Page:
Never judge a book by its, well, you know the saying. Bryce Dudal just reignited the sentiment and an important leadership lesson along with it.
We’ve all done it. OK, at least I know I have. Underestimated someone. Inadvertently undervalued an individual. Made unconscious (or quite conscious) judgments on what someone was or wasn’t based on their outward appearance. It’s such behavior that produces the old standby, “You can’t judge a book by its cover”.
18-year-old Bryce Dudal just re-lit that candle — with a flamethrower. The Gen Z’er, a backward ball hat, baggy shorts-wearing employee of Hungry Howie’s in suburban Detroit dropped off a pizza to the Varchetti family. He noticed a piano sitting in the foyer and asked if he could take a peek at it. When asked if he played he unassumingly said he did, then was invited to give it a whirl.
The Varchetti’s thought it would be nice to have their home filled with the tinkling of the ivories as the instrument primarily served as a piece of furniture or occasional coat rack.
Watch what happened when Dudal sat down at the piano.
Hubby ordered Hungry Howies tonight (Which we never do because I’m obsessed with Jets, but I wasn’t home)for the kiddos and the delivery guy noticed our piano. He kindly asked if he could play for a sec and this is the treat they got!!!! Figures I wasn’t home. ?????Says he’s self taught. His name is “Bryce”. What talent! #betterthanranchonpizza#holycow#whyareyoudeliveringpizzas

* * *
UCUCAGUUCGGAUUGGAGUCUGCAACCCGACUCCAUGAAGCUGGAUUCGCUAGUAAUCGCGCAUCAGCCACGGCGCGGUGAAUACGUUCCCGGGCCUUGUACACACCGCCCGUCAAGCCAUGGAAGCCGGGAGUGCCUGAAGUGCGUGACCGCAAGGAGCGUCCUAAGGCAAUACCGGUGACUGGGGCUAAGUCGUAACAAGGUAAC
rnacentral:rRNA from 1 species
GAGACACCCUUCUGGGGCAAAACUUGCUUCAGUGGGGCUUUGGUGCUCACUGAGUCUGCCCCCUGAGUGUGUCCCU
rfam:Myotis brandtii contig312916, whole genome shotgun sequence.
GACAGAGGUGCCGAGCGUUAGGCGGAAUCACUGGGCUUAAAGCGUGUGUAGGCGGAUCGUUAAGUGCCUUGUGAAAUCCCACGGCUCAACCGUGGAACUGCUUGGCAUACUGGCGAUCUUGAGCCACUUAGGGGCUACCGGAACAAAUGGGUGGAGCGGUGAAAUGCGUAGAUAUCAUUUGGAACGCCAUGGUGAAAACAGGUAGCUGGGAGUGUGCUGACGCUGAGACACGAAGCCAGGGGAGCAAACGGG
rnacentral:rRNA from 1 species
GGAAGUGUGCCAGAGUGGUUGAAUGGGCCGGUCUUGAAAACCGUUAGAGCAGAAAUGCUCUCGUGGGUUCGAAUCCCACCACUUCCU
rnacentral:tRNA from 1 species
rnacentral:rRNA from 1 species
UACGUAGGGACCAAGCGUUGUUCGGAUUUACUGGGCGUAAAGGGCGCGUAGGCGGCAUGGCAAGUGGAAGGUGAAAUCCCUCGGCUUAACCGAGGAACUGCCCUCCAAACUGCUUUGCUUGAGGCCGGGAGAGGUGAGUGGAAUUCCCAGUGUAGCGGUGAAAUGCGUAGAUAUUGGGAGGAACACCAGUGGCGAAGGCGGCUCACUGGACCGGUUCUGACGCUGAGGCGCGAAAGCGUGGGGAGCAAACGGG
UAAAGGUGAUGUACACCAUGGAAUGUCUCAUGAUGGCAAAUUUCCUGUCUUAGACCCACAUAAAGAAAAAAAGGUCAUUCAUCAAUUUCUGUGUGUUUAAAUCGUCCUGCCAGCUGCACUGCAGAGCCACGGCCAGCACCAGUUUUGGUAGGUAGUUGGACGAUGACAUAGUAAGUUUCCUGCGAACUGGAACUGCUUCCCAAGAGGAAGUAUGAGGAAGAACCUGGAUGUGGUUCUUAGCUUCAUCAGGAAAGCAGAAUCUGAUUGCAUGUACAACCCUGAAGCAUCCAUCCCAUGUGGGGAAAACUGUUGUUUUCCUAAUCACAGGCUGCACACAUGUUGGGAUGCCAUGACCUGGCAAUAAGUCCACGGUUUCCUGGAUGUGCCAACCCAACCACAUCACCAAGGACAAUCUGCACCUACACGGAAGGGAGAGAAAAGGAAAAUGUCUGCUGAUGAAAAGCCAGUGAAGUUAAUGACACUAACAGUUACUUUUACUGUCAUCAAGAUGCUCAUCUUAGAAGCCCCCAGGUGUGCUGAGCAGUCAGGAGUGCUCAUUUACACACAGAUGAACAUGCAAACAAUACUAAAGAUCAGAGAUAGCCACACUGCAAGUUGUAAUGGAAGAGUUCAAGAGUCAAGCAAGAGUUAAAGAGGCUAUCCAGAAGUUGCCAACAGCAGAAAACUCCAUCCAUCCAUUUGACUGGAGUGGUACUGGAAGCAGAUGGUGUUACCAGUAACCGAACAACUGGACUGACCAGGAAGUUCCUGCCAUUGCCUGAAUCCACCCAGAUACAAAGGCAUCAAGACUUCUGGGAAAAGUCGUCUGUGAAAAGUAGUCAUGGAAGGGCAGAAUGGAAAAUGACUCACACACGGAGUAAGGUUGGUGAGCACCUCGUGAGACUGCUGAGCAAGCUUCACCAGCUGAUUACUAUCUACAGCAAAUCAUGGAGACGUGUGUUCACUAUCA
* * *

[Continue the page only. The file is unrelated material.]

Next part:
Posted by Julie Varchetti on Wednesday, July 25, 2018
Let’s just say it was enough to get 10-year-old Ryan Varchetti to stop playing Fortnite and to look up, watch, and listen. Video game phenomenon, meet the original app — music. In this case the third movement of Beethoven’s “Moonlight Sonata.”
By the way, Dudal is self-taught. He took piano lessons as a child but didn’t want to slow down to learn the basics, so he floated from teacher to teacher until he found one that would work to his desired outcome. He just wanted to learn how to play complex pieces that he loved.
He set music aside to focus on baseball and has a scholarship to play on his local community college team. He’s even thinking about getting back into music due to the attention the video got him.
When asked about the incident at the Varchetti’s, Dudal had all the casual detachment you’d expect of a teenager. He sat at the piano because he figured he’d get a kick out of surprising the Varchetti family.
Dudal said his customers don’t know of his hidden talents. “All they see is a pizza delivery guy.”
And that is the real message to this unlikely tale.
Let this story be a reminder to never, ever underestimate your employees — or people in general.
Your job isn’t just to get the right people on the bus but to get all the people on the bus right. That means putting effort into recognizing each and every employee for the unique talents they have and creating the kind of environment where all their talents can come out.
Individual talents surface and blossom when leaders grant autonomy and create an inclusive environment where risk-taking is encouraged and rewarded. Talents surface when judgments aren’t made based solely on appearances, ethnicity, age, or first impressions.
Leaders unearth individual talents by creating intentional learning and growth opportunities and holding those opportunities sacred. Gifts burst forth when leaders take the time to understand the employee as a person and what their needs, wants, and dreams are.
When leaders teach employees to focus on chasing authenticity instead of approval, on focusing on becoming better than they were yesterday versus worrying about being better than peers, they can bring out the best in their people.
This story originally appeared on Inc.com